As mentioned, one of the derogations to freedom of speech in most jurisdictions is the need to protect people’s reputation.
In defamation, the law recognises two torts – libel and slander. The main difference between the two lies in the medium in which the alleged defamatory statement is published. If the alleged defamatory material is made in writing or some other permanent form such as on a tape recorder, then it is libel. If however the damaging material was published in a transient form, such as word of mouth, the injured party could sue for slander. In libel, the law presumes that the defamed has suffered damage and the claimant does not need to prove any financial loss. In slander however, the claimant will have to satisfy the court that he or she has suffered financial damage arising from the defamatory statement.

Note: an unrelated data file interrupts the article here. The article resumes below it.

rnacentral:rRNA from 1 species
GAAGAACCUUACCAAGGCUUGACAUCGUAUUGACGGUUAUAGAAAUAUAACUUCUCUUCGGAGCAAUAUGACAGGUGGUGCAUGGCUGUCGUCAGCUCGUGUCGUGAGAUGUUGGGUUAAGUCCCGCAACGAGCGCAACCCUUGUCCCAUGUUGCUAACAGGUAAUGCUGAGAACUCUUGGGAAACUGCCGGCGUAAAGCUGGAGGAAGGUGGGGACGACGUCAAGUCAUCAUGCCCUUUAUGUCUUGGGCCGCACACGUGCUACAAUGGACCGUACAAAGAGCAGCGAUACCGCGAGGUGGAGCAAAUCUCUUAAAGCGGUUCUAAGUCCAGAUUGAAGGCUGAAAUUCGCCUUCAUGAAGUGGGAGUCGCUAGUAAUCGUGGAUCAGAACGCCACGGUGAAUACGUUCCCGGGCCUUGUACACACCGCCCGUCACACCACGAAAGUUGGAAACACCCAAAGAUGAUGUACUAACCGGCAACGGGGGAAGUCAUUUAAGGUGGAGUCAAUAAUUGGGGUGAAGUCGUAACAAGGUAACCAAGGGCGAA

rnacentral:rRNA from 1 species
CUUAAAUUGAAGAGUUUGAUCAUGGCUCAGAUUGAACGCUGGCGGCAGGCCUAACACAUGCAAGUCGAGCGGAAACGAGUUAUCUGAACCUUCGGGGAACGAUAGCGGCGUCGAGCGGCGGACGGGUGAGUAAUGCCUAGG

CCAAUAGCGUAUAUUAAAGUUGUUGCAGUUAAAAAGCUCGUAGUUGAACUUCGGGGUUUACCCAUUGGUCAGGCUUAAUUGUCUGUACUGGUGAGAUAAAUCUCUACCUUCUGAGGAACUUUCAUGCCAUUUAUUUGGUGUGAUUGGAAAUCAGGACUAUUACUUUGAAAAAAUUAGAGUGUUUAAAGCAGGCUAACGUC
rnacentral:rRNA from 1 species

The law also makes a distinction between a defamatory allegation for which a claimant may sue for redress and remarks or insults which however offensive or abusive, are not actionable. In defamation proceedings, the crucial question is: are the particular words in the context in which they are used defamatory? In other words, are the words capable of lowering the reputation of the claimant in the estimation of right-thinking members of the society or cause the person to be shunned.
Defamation laws could be traced to 19th century England when King Alfred the Great was said to have decreed that slanderers should have their tongues cut out. Shakespeare in his play Othello summarised what appeared to be the social basis for the English nobles’ obsession with protecting their reputation:
Who steals my purse steals trash….
But he that filches me from my good name,
Robs me of that which not enriches him,
And makes me poor indeed